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Cotton in no rush to join Hurricanes, continues development at own pace

Center prospect will return for senior season as Boston College captain

by Kurt Dusterberg / Correspondent

RALEIGH, N.C. -- David Cotton is hoping another season of college hockey will move him a step closer to an NHL career with the Carolina Hurricanes.

The 22-year-old center, selected by the Hurricanes in the sixth round (No. 169) of the 2015 NHL Draft, led Boston College last season as a junior with 36 points in 39 games and tied for second among NCAA players with 23 goals.

Cotton, who is Boston College's captain, did not seek a contract offer from Carolina after his junior season.

"They respected the decision," he said during Hurricanes development camp in June. "There's no pressure. I still need to develop physically, and college is a good place for that. They're not in any rush to get me in the system right now. They've really been more supportive than pressuring on me."


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Collegiate hockey has allowed Cotton (6-foot-3, 189 pounds) to develop on and off the ice.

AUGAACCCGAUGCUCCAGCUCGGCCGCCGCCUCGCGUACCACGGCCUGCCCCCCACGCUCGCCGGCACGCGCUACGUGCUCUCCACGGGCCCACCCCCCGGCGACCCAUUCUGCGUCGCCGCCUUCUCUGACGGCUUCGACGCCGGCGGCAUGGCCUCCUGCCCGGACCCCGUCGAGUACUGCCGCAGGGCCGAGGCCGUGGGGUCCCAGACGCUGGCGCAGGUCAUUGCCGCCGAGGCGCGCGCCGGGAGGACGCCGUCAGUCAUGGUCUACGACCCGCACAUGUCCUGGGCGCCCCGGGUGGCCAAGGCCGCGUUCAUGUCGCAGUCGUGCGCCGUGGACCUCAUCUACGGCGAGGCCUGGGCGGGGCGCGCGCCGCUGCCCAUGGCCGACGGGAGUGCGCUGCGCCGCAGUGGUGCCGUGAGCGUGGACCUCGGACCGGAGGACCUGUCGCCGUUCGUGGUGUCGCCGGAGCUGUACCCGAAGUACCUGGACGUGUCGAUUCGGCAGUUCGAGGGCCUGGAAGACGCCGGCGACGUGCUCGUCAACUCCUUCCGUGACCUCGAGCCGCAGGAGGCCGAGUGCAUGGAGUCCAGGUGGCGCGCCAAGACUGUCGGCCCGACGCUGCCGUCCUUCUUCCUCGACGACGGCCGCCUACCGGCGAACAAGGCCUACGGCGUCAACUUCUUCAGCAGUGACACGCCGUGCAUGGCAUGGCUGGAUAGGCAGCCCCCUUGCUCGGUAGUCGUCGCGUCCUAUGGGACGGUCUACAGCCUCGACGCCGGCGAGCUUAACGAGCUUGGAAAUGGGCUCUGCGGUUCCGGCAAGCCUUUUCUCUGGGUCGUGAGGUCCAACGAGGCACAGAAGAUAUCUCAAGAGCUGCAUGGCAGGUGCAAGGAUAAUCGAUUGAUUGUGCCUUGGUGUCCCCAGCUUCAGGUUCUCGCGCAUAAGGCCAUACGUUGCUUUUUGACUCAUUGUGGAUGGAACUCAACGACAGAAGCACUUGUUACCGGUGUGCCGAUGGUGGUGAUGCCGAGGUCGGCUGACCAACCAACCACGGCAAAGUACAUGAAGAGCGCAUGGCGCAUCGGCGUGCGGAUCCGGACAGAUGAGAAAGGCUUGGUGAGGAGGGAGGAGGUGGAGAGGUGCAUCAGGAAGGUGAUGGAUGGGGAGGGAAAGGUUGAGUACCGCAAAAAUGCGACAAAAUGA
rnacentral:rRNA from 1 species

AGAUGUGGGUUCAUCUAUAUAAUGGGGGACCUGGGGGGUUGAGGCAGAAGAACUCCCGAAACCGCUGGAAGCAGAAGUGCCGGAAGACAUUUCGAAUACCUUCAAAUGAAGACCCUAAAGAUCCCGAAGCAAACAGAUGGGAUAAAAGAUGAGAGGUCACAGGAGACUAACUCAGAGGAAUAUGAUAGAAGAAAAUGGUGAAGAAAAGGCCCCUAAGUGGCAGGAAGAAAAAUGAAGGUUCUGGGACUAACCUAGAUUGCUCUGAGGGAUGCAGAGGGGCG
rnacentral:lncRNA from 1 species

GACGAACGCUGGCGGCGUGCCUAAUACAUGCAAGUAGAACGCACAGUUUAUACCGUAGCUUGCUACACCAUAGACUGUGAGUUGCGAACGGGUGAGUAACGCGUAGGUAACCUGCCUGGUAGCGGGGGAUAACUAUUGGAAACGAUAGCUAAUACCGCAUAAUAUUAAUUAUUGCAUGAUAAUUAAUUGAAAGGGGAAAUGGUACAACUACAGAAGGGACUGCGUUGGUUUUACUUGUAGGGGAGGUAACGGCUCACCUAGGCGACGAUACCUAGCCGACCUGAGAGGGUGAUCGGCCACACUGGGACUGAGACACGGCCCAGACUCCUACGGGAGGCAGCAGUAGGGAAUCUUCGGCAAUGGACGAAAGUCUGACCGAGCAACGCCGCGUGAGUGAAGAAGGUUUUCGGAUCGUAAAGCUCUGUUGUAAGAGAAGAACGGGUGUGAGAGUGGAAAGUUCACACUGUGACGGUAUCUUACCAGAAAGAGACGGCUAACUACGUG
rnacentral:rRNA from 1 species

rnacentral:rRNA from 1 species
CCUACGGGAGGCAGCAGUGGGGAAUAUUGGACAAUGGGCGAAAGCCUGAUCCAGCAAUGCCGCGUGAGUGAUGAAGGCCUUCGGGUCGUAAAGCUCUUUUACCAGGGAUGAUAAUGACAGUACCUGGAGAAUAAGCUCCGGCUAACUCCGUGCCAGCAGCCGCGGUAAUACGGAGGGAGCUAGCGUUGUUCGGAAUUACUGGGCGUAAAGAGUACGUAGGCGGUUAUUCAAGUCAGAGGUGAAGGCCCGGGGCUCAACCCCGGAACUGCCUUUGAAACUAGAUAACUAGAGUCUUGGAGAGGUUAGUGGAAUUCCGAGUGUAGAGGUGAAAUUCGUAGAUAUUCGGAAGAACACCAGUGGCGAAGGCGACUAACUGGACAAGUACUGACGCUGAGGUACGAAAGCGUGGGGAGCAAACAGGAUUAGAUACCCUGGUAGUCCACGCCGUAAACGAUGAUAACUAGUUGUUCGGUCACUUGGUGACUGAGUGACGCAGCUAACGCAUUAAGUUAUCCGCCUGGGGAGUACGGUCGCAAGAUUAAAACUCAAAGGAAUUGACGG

"David's skating, strength and consistency have all improved over the course of his three years at B.C.," Boston College assistant Marty McInnis said. "His ability to hold defenders off and control the puck in the offensive zone has made him a difficult matchup for defenders. He's also turned into a player that's not afraid of the dirty areas in front of the other team's net, where he has great stick and is a terrific finisher."

Cotton completed his fourth development camp with Carolina and doesn't allow himself to take any part of it for granted.

"I just see where I am from the year before, try to improve on myself, my fitness," he said. "Get to know the coaches on a more personal level and ask questions. Not everyone gets this opportunity, so I'm trying to soak it all in."

That's why Cotton, a native of Parker, Texas, said he is not in a hurry to climb to the professional ranks. His preference is to develop at his own pace.

"A lot of it was, am I ready for this?" he said. "We have had three mediocre years at B.C., and it's a school and an institution built on success. Going into my freshman year, I wanted to add to that and it hasn't come. Having this opportunity, especially to be a captain, is a big part of my decision."

If Cotton eventually plays in the NHL, his game might be in the mold of a former Boston College player.

"He reminds me a lot of (Philadelphia Flyers center) Kevin Hayes, who played four years at B.C.," said McInnis, who played three seasons there before a 12-season NHL career with the New York Islanders, Calgary Flames, Anaheim Mighty Ducks and Boston Bruins. "David is tall and skilled with a high IQ, which should make his transition easier."

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